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Four Common Questions When Your Landlord is Selling Your Building (Part 1)

Four Common Questions When Your Landlord is Selling Your Building (Part 1)

Four Common Questions When Your Landlord is Selling Your Building (Part 1)


Four Common Questions When Your Landlord is Selling Your Building (Part 1)

When a landlord sells a tenant occupied building it can have real consequences for the people that live there. But what are those consequences and what rights do tenants have when their landlord is selling the building? This month, we address four common questions that arise when tenants learn their landlord is selling or has recently sold their building.

In order to provide a thorough overview, we’ll be devoting two articles to this topic. In Part 1, we look at open houses, estoppel agreements, changes to the lease agreement. Part 2 will cover owner move-in and Ellis Act evictions, condo conversions, and buyouts.


Not if your building is covered by the Rent Ordinance. While we do see a spike in no-fault evictions when a building is sold, your landlord can’t evict you just because they want to sell or just bought your building. As we’ve discussed before, there are there are 16 “just causes” for eviction for units protected under the San Francisco Rent Ordinance. Sale of a building is not one of the 16 just causes for eviction. If your home isn’t covered by the Rent Ordinance, your landlord must provide you with a written eviction notice.


Yes. Civil Code §1954 allows landlords to enter your apartment to show it to “prospective or actual purchasers.” This includes hosting open houses and offering tours. Many tenants understandably balk at the notion of allowing potential buyers and brokers to enter their home. However, denying access to the unit altogether is a bad idea and could open you up to eviction. You can negotiate the timing of the viewings, and insist on being present. At a minimum you are entitled to 24 hours written notice prior to entry.


Not necessarily. As part of a potential sale, landlords or Realtors often ask existing tenants to fill out a form known as an estoppel agreement or tenant questionnaire. On their face, these questionnaires are harmless enough as they seek information about your tenancy and those amenities, services and rights each tenant may enjoy. However, if you leave something important out, you risk forfeiting that right altogether. For example – have a dog pursuant to an oral agreement with your former landlord and fail to mention it? Your new landlord can argue you are breaching your lease for having a dog. Have an understanding with your former landlord about storing items in the garage and leave that out? The new owner could insist you remove your items.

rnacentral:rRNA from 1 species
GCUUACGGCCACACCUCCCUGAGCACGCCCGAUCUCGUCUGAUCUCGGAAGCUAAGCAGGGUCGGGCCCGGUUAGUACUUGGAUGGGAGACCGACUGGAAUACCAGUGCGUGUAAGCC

So, how do you deal with this situation? Unless your lease explicitly requires you to fill out the form, you do not have to do it. If you want to be sure your new landlord doesn’t unwittingly encroach on your rights, though, one solution is to write a letter to your current landlord or their Realtor in lieu of filling out the form. In your letter, include the pertinent information you want your landlord to have, but with the caveat that your list is not exhaustive, and instead just those things you can recall off hand. Even if your lease does state you have to fill out the form, consider writing a letter instead. This gives you wiggle room if you later realize you left something important out.


Estoppel agreements are often accompanied by a document requesting information about “protected status.” If you are a member of a protected class under the SF Rent Ordinance—that is, if you’re senior, disabled, or live with a minor child—make sure to inform your building’s new owners of this fact. This too should not be taken lightly. Checking the “no” box for disability could cost you thousands of dollars in relocation benefits down the line in the event of an Owner Move In or Ellis Act eviction. The law defines disability broadly to include any health issue that affects “one or more major life activities.” This means that if you take medication for a chronic condition (think anxiety, depression) or have an ongoing medical issue, you may qualify as disabled.


Probably not. Just because there is a new owner does not mean you have to sign a new lease. Your new landlord may try to persuade you to sign a new rental agreement. However, if the new lease is “materially different” from your current lease, you do not need to sign it. Some examples of a material change include: no pets, changing who is responsible for payment of utilities (tenant v. landlord) , and restrictions on new roommates. So, if your landlord gives you a forty-five page agreement to replace your previous one-page written lease, you are within your right to decline it.

On the other hand, if your landlord presents you with a new lease that is “substantially similar,” you may have to sign it. If you’re unsure whether a new lease agreement represents a material change in the terms of tenancy, consider bringing it to the San Francisco Tenant’s Union or Housing Rights Committee to discuss your situation with a counselor before taking action.


Obviously learning that your home is for sale can be stressful, but the sale alone does not mean you’re going to have to move. You have rights that your landlord has to respect. The best thing you can do is to stay alert, ask questions, and when in doubt, seek assistance. In part two, we’ll discuss the interplay between a sale and tenancy buyouts, Owner Move in Evictions and Ellis Act evictions.

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